Narrator: Julia Whelan
Published by Penguin Random House Audio Publishing Group on February 20, 2018
Length: 12 hours 10 minutes
Tara Westover was 17 the first time she set foot in a classroom. Born to survivalists in the mountains of Idaho, she prepared for the end of the world by stockpiling home-canned peaches and sleeping with her "head-for-the-hills bag". In the summer she stewed herbs for her mother, a midwife and healer, and in the winter she salvaged in her father's junkyard.
Her father forbade hospitals, so Tara never saw a doctor or nurse. Gashes and concussions, even burns from explosions, were all treated at home with herbalism. The family was so isolated from mainstream society that there was no one to ensure the children received an education and no one to intervene when one of Tara's older brothers became violent.
Then, lacking any formal education, Tara began to educate herself. She taught herself enough mathematics and grammar to be admitted to Brigham Young University, where she studied history, learning for the first time about important world events like the Holocaust and the civil rights movement. Her quest for knowledge transformed her, taking her over oceans and across continents, to Harvard and to Cambridge. Only then would she wonder if she'd traveled too far, if there was still a way home.
Educated is an account of the struggle for self-invention. It is a tale of fierce family loyalty and of the grief that comes with severing the closest of ties. With the acute insight that distinguishes all great writers, Westover has crafted a universal coming-of-age story that gets to the heart of what an education is and what it offers: the perspective to see one's life through new eyes and the will to change it.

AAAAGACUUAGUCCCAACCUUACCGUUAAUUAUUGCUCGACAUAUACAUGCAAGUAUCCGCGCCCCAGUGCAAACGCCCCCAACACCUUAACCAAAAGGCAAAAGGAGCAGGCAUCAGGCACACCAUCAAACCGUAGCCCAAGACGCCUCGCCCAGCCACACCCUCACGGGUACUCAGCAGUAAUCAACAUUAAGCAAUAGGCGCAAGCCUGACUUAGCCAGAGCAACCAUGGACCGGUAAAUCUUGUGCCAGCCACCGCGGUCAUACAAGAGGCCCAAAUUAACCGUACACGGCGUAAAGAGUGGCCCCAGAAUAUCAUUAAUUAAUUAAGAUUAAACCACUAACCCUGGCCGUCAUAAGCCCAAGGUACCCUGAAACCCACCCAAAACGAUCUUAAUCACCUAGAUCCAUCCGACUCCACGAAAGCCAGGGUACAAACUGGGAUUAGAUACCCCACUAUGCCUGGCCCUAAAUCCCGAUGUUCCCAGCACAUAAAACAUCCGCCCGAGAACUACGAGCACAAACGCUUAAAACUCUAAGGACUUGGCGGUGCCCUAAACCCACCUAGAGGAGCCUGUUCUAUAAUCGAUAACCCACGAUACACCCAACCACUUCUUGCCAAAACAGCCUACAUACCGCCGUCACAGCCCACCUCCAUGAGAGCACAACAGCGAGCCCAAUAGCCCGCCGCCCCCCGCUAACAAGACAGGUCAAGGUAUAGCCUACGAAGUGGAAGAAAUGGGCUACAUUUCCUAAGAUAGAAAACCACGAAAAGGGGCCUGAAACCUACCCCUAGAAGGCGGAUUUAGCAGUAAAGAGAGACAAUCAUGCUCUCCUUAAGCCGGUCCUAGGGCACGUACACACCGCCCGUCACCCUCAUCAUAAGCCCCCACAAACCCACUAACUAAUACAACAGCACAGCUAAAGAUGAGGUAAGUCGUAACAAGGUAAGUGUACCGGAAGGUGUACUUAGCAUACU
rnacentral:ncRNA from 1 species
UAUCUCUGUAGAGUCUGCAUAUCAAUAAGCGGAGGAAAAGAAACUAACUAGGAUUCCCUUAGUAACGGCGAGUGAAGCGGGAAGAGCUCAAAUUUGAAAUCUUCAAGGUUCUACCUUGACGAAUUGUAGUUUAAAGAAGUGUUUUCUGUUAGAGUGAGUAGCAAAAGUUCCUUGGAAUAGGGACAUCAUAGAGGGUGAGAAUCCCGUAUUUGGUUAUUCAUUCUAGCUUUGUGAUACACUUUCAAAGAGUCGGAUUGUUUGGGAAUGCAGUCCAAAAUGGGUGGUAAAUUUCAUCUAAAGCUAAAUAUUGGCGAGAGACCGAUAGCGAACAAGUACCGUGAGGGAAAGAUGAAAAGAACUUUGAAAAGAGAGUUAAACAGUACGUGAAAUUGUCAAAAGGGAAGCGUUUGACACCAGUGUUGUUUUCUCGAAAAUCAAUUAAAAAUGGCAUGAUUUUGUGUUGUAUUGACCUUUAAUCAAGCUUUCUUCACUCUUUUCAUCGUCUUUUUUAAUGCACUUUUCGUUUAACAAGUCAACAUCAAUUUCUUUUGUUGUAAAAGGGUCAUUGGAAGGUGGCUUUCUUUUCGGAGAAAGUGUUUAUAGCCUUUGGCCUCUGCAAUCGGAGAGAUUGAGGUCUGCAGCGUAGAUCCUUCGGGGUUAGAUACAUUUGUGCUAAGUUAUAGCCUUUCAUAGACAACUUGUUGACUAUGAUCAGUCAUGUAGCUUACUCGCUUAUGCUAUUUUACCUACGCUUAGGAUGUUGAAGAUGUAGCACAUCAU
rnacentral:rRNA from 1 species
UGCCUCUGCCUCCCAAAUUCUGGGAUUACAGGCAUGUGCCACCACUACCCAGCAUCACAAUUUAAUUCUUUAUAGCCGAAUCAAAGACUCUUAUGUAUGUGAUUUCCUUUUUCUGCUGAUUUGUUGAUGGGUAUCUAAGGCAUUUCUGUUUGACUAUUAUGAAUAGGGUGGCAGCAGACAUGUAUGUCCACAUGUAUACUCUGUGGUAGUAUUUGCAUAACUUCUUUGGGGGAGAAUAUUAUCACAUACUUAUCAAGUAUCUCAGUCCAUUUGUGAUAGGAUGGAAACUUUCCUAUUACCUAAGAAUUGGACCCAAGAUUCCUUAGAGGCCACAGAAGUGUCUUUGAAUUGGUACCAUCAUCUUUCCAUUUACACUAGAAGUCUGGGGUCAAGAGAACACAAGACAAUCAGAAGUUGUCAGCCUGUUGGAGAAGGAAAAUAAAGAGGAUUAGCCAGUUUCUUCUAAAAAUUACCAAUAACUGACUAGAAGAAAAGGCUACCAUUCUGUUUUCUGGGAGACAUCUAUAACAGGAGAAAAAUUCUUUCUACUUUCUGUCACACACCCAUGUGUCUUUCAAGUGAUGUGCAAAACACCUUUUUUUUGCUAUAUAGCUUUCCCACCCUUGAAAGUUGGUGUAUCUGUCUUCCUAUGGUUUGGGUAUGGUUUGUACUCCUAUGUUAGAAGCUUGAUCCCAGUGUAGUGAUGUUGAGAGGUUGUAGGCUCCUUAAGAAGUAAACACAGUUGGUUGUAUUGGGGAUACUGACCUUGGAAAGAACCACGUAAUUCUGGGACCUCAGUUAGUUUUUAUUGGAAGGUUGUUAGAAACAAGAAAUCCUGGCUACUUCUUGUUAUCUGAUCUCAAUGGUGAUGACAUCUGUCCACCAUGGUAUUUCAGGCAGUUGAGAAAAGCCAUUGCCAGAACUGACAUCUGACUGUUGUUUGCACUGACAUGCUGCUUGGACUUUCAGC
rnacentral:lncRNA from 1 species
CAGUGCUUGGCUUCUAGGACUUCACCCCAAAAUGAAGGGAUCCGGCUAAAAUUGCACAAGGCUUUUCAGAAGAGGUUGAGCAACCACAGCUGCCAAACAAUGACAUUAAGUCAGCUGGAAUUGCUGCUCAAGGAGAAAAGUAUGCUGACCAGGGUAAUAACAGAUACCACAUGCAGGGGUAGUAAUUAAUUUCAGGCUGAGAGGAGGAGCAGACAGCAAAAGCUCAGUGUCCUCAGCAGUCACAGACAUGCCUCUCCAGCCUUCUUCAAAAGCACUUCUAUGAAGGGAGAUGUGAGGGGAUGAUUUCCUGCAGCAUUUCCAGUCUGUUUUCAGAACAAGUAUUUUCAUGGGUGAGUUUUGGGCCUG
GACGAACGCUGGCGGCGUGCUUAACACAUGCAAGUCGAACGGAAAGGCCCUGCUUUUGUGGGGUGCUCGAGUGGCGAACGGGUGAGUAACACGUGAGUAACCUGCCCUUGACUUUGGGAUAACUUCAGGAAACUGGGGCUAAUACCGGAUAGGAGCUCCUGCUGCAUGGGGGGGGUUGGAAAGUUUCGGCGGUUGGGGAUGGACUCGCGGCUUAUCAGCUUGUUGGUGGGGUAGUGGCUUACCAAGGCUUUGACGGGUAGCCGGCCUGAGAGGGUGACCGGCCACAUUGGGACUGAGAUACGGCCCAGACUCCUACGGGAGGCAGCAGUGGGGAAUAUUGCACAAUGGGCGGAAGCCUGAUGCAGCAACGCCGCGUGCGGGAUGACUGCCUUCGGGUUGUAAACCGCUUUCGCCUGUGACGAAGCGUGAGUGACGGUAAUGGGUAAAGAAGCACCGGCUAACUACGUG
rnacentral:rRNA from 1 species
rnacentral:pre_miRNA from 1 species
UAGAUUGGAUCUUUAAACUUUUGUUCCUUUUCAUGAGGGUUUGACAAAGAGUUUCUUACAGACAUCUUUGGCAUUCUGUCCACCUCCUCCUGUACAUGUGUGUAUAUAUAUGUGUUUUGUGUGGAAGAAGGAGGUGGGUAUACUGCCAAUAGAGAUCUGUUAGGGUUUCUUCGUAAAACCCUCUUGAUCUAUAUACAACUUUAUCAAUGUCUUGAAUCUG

My top thoughts:
I read this in 2019 and it STILL tops my list of great books – I recommend it frequently. Yet, somehow I’ve never reviewed it on the blog. Time to remedy that!
What I liked/didn’t like:
As someone raised in a cult, this book seriously resonated with me. In many ways, my family/religious upbringing almost sounds sane compared to Tara’s. But the principles, the abuse, the neglect, the insanity of it – that was so familiar. I read the first part very slowly and took breaks from it – I thought I wasn’t enjoying the book, but I realized as I got to the second half, when Tara starts breaking free and finding herself through education, that it was just too uncomfortable and brought back memories I couldn’t deal with in huge doses.
The second half though, wow! I read that so fast and here I identified almost 100%. I was fortunate enough to not have suffered the homeschooling that Tara did, but was otherwise similarly lost and confused as I navigated undergrad and grad school. I battled with a lot of the same self-deprecating thoughts and doubts. I struggled with reconciling what I was learning with the family I was losing through that education. And while I didn’t quite achieve the PhD she did, I came close, and like her, the awakening that education provided me cost me most my family. It was amazing to read someone else going through that same kind of rebirth, despite coming from a very different cult experience.
I think the title – Educated – couldn’t be more perfect. I saw it in myself and I’ve seen it with others who have escaped cult life. Education is the key. You get educated and it helps you to see the cult for what it is. I couldn’t recommend this book more, I enjoyed it so much!
Oh and the narration was great. I thought for sure it was Sophie Eastlake narrating, but it turns out it was Julia Whelan. I was so sure, I didn’t even look it up. So IDK if they are the same person, but I enjoyed her narration (even though at the time it felt a little weird to have the voice of Chicagoland Vampires narrating something so serious).